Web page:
A Tall Girl’s Review of Netflix’s “Tall Girl”

Growing up, there was one universal truth I knew about myself: I was very, very tall. Throughout my childhood and adolescent years, I was always one of the tallest girls in my grade. And as a result, I quickly became accustomed to my height being a recurring topic of conversation. Acquaintances and strangers alike always had the same burning questions. How tall are you? 5’ 11”. Are your parents tall? They are both average height, actually. Do you play basketball? Definitely not. Volleyball then? No, sorry. And if said individuals weren’t feeling particularly inquisitive that day, there was always the standard, “WOW! You are so tall. '' To which I could only really smile and nod like they were the very first person on planet earth to come to this conclusion.

So when Netflix dropped the trailer for “Tall Girl” this past August, my interest was definitely peaked. In my experience, it is somewhat of a rarity to find media that centers around a tall heroine. And it is even rarer that adolescent insecurities surrounding height are even explored at all. Based on the lively and upbeat trailer alone, “Tall Girl” promised a refreshing take on the classic self-acceptance story. But how does this teen rom-com compare to its predecessors, like the loveable “Dumplin’” or the contentious “Sierra Burgess is a Loser”? Well, like the curious connoisseur of media that I am, I streamed “Tall Girl” to find out.

**Warning- Spoilers Ahead!**

“Tall Girl” follows Jodi (Ava Michelle), a high school junior who is the tallest girl in school. Within the first five minutes of the film, Jodi gives it to the audience straight: She’s 6’ 1” (and a dreaded half) and wears a size 13 shoe (in men’s). Her narration makes it abundantly clear that she truly sees herself as an outcast. This is further cemented by the over-the-top, and somewhat fatuous, teasing Jodi faces at school. Despite her feelings of isolation, Jodi has the constant companionship of her two best friends, Fareeda (Anjelika Washington) and Dunkleman (Griffin Gluck). Fareeda is constantly pushing Jodi to embrace her height and be more confident. While Dunkleman continues to fail at convincing Jodi to give shorter guys a chance (i.e. himself). To Jodi’s delight and Dunkleman’s dismay, a tall Swedish exchange student joins their class and takes an immediate interest in Jodi. She soon finds herself amid an unsuspected love triangle and learns some valuable lessons along the way.

So, is “Tall Girl” true to the experience of tall women? Well, yes and no. The film does include several moments that tall women can certainly resonate with. For instance, Jodi discusses her trepidation to wear high heels, her tendency to slouch, the exasperating comments she consistently faces and taking up permanent residence in the back of school photos. But most significantly, the film tackles the well-established social norm that tall women should only date tall -- or taller -- men. And in truth, Jodi’s height-related dating struggles are ones that ring true for many tall women. The film could have opted to be more predictable and have Jodi end up with her tall love interest, Stig (Luke Eisner). But in a surprising and heartwarming twist, Jodi ultimately chooses the ever-faithful Dunkleman. Jodi’s ultimate decision to shatter this societal standard gives the film a particular nuance.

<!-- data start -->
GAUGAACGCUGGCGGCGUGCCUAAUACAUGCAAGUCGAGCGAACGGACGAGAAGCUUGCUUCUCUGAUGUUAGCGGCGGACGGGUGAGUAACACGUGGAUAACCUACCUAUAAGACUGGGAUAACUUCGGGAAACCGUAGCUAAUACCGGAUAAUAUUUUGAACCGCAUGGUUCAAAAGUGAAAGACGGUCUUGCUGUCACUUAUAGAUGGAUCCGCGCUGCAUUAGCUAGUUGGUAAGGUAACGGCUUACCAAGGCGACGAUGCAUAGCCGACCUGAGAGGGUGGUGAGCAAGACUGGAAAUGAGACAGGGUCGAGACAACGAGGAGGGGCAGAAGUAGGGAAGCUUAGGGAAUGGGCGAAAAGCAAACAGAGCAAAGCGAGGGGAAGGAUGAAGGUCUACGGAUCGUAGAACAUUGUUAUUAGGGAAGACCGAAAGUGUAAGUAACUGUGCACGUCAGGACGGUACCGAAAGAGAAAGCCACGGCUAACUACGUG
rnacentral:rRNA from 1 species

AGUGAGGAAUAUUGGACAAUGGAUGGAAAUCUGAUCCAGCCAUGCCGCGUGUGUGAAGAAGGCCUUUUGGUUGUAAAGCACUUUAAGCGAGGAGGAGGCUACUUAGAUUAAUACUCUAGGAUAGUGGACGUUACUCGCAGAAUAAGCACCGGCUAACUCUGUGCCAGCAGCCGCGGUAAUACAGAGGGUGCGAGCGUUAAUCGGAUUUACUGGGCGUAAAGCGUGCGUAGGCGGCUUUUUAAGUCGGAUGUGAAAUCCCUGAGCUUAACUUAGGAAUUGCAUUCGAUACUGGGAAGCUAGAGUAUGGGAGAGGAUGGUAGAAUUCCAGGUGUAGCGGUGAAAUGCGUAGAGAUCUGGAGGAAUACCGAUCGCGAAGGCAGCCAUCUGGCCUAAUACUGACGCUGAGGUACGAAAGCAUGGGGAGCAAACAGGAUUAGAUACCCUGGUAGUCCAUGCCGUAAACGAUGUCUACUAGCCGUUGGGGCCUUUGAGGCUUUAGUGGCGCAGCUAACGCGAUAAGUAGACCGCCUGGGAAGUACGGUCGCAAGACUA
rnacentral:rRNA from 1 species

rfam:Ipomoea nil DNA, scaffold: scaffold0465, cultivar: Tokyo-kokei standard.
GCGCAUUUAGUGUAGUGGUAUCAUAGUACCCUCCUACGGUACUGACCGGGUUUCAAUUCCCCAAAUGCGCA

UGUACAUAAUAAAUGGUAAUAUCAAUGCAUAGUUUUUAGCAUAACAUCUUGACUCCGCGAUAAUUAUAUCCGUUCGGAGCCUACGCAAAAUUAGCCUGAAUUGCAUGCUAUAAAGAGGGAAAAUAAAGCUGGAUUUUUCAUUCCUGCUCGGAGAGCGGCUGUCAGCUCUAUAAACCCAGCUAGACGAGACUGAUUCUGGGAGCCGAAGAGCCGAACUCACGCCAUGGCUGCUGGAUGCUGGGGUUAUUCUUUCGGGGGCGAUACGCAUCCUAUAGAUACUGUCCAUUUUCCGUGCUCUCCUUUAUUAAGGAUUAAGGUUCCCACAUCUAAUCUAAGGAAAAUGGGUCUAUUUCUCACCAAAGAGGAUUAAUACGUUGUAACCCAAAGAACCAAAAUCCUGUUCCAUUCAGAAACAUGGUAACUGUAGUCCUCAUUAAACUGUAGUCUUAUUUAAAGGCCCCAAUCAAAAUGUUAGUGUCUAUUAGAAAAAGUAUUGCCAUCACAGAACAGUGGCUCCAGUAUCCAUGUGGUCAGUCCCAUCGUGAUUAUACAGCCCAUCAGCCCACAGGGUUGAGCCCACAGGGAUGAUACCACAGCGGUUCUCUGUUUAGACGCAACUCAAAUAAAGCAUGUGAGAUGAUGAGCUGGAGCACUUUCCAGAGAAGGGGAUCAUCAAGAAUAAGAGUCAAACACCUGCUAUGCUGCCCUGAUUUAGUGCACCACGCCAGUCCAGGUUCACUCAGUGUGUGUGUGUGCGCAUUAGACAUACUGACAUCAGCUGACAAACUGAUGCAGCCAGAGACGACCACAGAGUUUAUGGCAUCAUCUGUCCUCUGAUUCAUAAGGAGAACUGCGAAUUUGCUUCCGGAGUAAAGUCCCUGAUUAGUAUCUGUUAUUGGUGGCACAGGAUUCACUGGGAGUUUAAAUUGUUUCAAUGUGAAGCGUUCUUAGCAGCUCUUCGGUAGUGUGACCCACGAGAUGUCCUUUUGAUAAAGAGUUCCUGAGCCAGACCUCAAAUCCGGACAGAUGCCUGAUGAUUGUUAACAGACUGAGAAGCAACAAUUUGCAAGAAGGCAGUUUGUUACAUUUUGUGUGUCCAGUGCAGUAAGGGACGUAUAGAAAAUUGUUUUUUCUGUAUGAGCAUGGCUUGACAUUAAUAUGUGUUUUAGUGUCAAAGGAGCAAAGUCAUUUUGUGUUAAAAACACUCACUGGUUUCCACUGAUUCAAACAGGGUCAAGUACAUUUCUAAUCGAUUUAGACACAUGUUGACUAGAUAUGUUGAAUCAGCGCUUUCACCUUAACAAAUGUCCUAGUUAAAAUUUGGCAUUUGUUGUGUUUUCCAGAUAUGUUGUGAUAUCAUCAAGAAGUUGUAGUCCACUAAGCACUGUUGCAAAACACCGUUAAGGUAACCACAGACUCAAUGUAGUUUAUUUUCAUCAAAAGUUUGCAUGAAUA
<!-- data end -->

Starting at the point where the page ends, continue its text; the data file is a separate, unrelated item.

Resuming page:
“Tall Girl” was met with some initial criticism upon the release of its trailer. Many took to the internet to voice their indignation of the film’s seemingly tone-deaf narrative. The notion of a conventionally attractive and privileged heroine viewing herself as a societal outcast didn’t sit well with some. Ultimately, the film addresses Jodi’s feelings of isolation in a way that is self-aware but somewhat feeble. Jodi’s experience as a tall girl is overdramatized to the extent that seemingly everyone is hyper-fixated on her height and it has become her singular identity. The teasing that Jodi receives at school surpasses relatable and borderlines on ludicrosity. Insults like “beanstalk”, “how’s the weather up there?”  -- and my personal favorite -- “Jodi the Green Giant”, contribute to the film’s highly exaggerated portrayal of being a tall girl in high school. And in turn, it makes Jodi’s plight much less realistic and harder to empathize with. As a result, the climactic scene at homecoming lacks the emotional punch it so needs. When Jodi finally stands up to her classmates on stage and declares her newfound self-acceptance, it's not as gratifying as it had the potential to be. There are several aspects of being a tall girl that this film directly hits the nail on the head with. However, the experience of being tall is ultimately overdramatized for the sake of storytelling. And although this makes for an entertaining film, it also contributes to a somewhat inaccurate portrayal of being “the tall kid” in school.

So should you stream “Tall Girl” this weekend? Despite its flaws, this film will surprise you with its apparent charm. The cast consists of mostly newcomers who supplement this unconventional tale with hilarity and heart. Sabrina Carpenter and Griffin Gluck are definitely standouts. Carpenter offers an unsuspected nuance to Jodi’s theatrical, beauty queen sister. While Gluck brings impeccable comedic timing to the awkward, yet endearing Dunkleman. Ava Michelle also gives a notable performance as Jodi and perfectly captures a teenager coming into her own.

“Tall Girl” is the ideal movie to watch after a long week of school when you need a laugh. Even better? There’s no minimum height requirement to enjoy this feel-good flick!